Pigeon holes, internets & the concept of everyday life.



Instagram photos, Facebook updates, twitter tweets; all these things take up a vast majority of our lives nowadays. These social media sites as well as a grand deal of others such as Flikr and tumbler have taken the mendacity of a bowl of cereal to the level of being liked by 4,392,834 people. Why? Why do we all of a sudden care so much about the mendacity of breakfasts? Did we always care and just not have an outlet for it? Well, that is what sociology is trying to decipher somewhat; what is the importance of this thing called ‘everyday life’?

Let’s start off on the right foot shall we? With a definition:

Everyday – (in sociological terms) is that which is neither catastrophic nor celebratory; essentially, the small things we do everyday (surprise).

Leading on from this, everyone loves a good example so let’s have at it. In my experience, ‘everyday life’ consists of showering, brushing my teeth, have more than one coffee and checking my Feedly. Uni classes I suppose fall in there somewhere as well, but I don’t go to them everyday AND when uni isn’t on I don’t go at all. So where does one draw the line at what is classified as everyday life? In the lecture I attended for Week 2, the lecturer said that “this is not about what celebrities do everyday” and I instantly thought, “well… why not?” I am more than certain that they wake up and do regular things; they drink coffee and shower (I hope) obviously she must have meant the fact that they don’t go to a job regularly or have a “regular” lifestyle. But to what definition then do you classify “regular”? That lifestyle of the not so constant 9-5-office job might not be regular for you, but it is regular for someone. My everyday life differs greatly from the everyday life of a 25-year-old woman in Uganda; even that of someone who has a different job than me. To say that someone isn’t included in the ‘everyday life’ category is a bit ridiculous I am now realizing. Even though what fills their day might not be what fills my own, doesn’t make their everyday better or worse than my own. It is this that defines us, yes, but it doesn’t declassify us from having one.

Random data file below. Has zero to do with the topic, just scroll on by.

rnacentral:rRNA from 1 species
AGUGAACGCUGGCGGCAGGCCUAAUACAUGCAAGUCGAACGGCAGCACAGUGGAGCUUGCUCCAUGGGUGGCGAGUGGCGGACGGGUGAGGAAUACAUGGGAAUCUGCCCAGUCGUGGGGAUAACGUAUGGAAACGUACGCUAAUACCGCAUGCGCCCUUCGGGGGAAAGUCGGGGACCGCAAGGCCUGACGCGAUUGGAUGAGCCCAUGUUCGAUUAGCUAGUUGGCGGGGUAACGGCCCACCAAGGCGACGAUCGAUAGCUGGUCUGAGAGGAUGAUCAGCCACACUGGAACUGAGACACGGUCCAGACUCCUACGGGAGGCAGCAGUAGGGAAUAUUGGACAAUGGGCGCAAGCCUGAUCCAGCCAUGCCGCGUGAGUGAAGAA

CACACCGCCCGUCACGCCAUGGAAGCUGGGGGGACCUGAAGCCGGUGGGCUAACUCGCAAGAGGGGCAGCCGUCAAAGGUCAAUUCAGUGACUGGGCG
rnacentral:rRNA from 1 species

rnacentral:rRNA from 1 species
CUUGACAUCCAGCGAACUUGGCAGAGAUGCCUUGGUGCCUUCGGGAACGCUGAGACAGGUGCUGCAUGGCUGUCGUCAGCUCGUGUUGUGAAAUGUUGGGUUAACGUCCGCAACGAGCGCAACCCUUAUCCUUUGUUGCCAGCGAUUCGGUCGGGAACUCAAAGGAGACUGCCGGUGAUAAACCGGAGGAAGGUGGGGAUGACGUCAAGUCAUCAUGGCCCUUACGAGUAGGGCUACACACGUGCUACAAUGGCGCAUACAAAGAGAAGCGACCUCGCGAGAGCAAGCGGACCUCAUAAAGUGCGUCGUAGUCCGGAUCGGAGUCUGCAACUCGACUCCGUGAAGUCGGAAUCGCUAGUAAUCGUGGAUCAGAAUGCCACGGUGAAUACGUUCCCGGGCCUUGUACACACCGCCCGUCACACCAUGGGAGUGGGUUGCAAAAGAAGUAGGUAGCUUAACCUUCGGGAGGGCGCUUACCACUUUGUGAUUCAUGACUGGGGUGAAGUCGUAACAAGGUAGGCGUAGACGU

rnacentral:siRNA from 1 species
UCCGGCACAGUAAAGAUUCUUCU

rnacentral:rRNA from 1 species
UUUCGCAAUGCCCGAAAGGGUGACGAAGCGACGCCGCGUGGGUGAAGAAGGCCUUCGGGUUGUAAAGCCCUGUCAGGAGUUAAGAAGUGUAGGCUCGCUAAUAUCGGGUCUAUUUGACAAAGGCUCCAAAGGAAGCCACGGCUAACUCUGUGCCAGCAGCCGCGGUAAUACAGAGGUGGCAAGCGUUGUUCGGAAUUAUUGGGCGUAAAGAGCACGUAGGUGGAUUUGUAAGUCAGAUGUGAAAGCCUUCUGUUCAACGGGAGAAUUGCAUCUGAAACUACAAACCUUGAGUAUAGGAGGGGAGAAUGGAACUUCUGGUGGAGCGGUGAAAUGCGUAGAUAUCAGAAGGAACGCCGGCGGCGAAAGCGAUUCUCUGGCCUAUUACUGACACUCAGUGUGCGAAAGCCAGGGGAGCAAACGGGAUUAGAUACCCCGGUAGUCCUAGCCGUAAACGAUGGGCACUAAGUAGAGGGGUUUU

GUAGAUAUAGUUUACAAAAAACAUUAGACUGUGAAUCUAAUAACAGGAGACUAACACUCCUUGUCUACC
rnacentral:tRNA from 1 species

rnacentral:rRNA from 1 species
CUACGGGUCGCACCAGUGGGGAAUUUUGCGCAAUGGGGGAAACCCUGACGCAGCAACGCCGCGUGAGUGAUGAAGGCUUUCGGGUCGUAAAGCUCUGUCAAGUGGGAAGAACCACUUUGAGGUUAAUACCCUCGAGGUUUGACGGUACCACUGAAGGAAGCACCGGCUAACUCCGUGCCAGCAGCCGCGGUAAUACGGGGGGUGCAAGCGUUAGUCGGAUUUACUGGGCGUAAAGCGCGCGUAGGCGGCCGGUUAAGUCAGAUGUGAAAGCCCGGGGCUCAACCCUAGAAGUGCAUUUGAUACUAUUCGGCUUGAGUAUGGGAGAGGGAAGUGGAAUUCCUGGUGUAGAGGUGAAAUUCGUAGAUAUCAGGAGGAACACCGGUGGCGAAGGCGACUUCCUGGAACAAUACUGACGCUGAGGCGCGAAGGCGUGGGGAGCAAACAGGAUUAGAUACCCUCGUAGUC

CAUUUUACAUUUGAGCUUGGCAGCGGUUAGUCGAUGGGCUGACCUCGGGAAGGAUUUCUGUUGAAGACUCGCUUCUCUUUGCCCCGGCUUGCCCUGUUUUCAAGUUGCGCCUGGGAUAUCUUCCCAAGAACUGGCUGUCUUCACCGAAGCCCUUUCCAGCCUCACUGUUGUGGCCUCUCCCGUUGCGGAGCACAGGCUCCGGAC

I suppose you could pull one example from that of the current Hugh Jackman; the fact that he takes his children to school everyday on the train because he wants them to have a ‘normal’ life. What makes this ‘normal’? By definition; he is doing that which (I assume, not being one myself) a lot of parents do everyday. Ensuring their children arrive safely at school, thus ensuring their education and future. Watching out for them as they travel in the dangerous outside world of Sydney. On the other hand; we have the people who post CONSISTENTLY everyday the exact same picture of their weird looking oatmeal with the hash tags of “clean eating” “everyday” etc. specifically the tag “everyday” is what I think we should focus on here; you can literally type into any search bar on any social media site (besides Facebook, I think) and have millions of photos come up, of “everyday” occurrences all over the world. Now; ofcourse you can be famous on Twitter or Instagram, (let’s look at this through my lecturers eyes) and now does this assumed fame make their everyday lives less important? The fact that it is portrayed across various social media sites and the world? I don’t really think it does personally. I think social media has given us a new window (literally) to a world where we might not have had access to before; social media gives sociology anybody a new way of experiencing other people’s lives. It allows us not only to see what other people are experiencing day to day, but realizing how each of us really aren’t different to the other (insert lengthy rant on thoughts of modernity and the industrialized age). I think people often assume that the world has become less connected overall due to the fact that the Internet has “disconnected” us from traditional social outlets and compressed us into a world where there is no “true” social connection (whatever the hell that means). I think though that the internet has provided us a way of becoming a smaller world overall; it has helped us connect with other people all over the world as part of our everyday life and show that ‘everyday’ isn’t as pigeon holed a definition as first assumed.




One thought on “Pigeon holes, internets & the concept of everyday life.

  1. Very interesting sociological perspective on how the Internet and social networks have affected how we communicate. I think some of the concepts here sound like they could be in a sociology book in the future about our present time 🙂 nice work

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